Rails 7 adds optional transaction arguments to with_lock

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When it comes to concurrency control, there are specifically two mechanisms
around it – pessimistic
and optimistic locking.

Optimistic locking

The optimistic locking model is a concurrency control technique in which
multiple users are allowed to update the same record without informing the users
that others are also attempting to update the record.
The record changes are validated only when the record is committed.
If one user successfully updates the record,
the other users attempting to commit their concurrent updates are informed that a conflict exists.

An advantage of the optimistic locking model is that
it avoids the overhead of locking a record for the duration of the action.
If there are no simultaneous updates,
then this model provides fast updates.

Pessimistic locking

The pessimistic locking model prevents simultaneous updates to records.
As soon as one user starts to update a record,
a lock is placed on it.
Other users who attempt to update this record are informed
that another user has an update in progress.
The other users must wait until the first user has finished committing their changes,
thereby releasing the record lock.
Only then can another user make changes based on the previous user’s changes.

An advantage of the pessimistic locking model is that
it avoids the issue of conflict resolution by preventing conflicts.
Updates are serialized
and each subsequent update starts with
the committed record changes from the previous user.


In Rails
provides support for row-level locking using the lock! method wrapped inside a transaction for example:-

If two users press the like button for an article,
at the same time then instead of the like_count of that article going up to 2,
it will only increment to 1, because both users pressed increment
from 0 to 1 at the same time.
To fix this we can use lock! wrapped inside a transaction.

  ActiveRecord::Base.transaction do
    article = Article.find("00000000-0000-0000-0000-000000000001").lock!("FOR UPDATE NOWAIT")
    article.like_count += 1

What the code does here is
first, it starts a database transaction.
Second, it acquires a pessimistic database lock.
Once the lock is acquired, the record is reloaded in memory,
so that the values on the record match those in the locked database row.
The lock will prevent others from reading or writing to that row
and anyone else trying to acquire a lock will have to wait for the lock to be released.

Also, we can pass various
locking strategies
to the lock! method as supported by the underlying Database
for example, we used FOR UPDATE NOWAIT on Postgres DB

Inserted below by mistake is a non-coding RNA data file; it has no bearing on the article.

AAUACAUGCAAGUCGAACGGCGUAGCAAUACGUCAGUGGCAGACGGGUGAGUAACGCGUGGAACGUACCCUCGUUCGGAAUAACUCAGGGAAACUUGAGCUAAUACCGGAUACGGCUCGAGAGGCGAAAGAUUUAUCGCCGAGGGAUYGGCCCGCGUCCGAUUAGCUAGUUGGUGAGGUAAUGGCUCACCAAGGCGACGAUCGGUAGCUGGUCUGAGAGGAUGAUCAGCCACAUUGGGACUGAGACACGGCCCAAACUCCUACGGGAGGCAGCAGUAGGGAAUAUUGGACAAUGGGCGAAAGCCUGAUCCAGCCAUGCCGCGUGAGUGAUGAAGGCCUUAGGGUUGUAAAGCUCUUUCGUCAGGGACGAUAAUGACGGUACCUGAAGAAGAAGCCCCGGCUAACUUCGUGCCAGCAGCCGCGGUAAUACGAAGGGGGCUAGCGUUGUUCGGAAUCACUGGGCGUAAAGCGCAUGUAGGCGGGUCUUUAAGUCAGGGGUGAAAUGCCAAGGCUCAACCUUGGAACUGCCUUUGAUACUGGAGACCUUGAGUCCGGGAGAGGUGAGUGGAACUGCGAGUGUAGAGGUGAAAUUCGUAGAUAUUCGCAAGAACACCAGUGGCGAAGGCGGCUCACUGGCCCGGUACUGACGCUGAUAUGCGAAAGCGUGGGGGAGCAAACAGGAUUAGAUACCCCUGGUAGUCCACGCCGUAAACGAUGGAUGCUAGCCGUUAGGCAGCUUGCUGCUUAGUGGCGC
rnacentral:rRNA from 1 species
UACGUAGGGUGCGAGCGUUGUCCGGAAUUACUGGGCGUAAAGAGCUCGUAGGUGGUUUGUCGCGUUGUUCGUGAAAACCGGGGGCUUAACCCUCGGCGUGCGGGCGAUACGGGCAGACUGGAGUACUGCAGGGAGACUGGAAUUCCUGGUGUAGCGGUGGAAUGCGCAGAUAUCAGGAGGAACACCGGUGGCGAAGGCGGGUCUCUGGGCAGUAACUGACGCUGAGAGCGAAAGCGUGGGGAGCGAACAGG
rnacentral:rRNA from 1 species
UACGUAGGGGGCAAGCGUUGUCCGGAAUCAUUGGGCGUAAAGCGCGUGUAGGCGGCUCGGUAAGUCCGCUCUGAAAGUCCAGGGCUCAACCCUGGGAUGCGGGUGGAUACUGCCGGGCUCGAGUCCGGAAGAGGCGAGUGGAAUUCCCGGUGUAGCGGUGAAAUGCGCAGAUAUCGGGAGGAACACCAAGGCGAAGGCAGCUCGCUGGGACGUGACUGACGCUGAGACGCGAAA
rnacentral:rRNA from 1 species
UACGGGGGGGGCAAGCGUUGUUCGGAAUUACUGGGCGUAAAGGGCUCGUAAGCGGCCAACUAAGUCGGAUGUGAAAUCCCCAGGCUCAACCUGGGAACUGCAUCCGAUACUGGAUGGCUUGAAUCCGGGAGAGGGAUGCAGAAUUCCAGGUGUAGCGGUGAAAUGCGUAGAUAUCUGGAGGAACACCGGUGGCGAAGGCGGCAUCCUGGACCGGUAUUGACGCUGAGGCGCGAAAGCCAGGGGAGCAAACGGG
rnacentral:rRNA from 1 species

what it means is other transactions that attempt UPDATE, DELETE,
or SELECT FOR UPDATE on this row will be blocked
until the current transaction ends
and suppose another transaction tries to acquire a lock on the same record
then it will result in the below error.

/Users/murtazabagwala/.rvm/gems/ruby-3.0.1/gems/activerecord- `exec_params': PG::LockNotAvailable: ERROR:  could not obtain lock on row in relation "articles" (ActiveRecord::LockWaitTimeout)
/Users/murtazabagwala/.rvm/gems/ruby-3.0.1/gems/activerecord- `exec_params': ERROR:  could not obtain lock on row in relation "articles" (PG::LockNotAvailable)


We can make it more concise using with_lock.
with_lock does the same thing it creates a transaction
and applies a lock on the record under the hood.

  article = Article.find("00000000-0000-0000-0000-000000000001")
  article.with_lock("FOR UPDATE NOWAIT") do
    article.like_count += 1

But, before Rails 7
there was no way to specify transaction arguments like
isolation, requires_new and joinable to with_lock
so, for example before Rails 7
if we had to create the nested transactions
we had to use multiple transaction blocks with lock!.


  ActiveRecord::Base.transaction do
    article = Article.find("00000000-0000-0000-0000-000000000001").lock!("FOR UPDATE NOWAIT")
    article.like_count += 1

    ActiveRecord::Base.transaction(requires_new: true) do
      author = article.author.lock!("FOR UPDATE NOWAIT")
      author.articles_liked += 1


After Rails 7 we can use with_lock to create nested transactions
and can specify transaction optional arguments like:-

  article = Article.find("00000000-0000-0000-0000-000000000001")

  article.with_lock do
    author = article.author
    article.like_count += 1

    # Will create a new transaction called sub-transaction/savepoint.
    # And, in case of error it will rollback to this savepoint and will not rollback parent transaction

    author.with_lock("FOR UPDATE NOWAIT", requires_new: true) do
      author.articles_liked += 1

Please refer to this PR.

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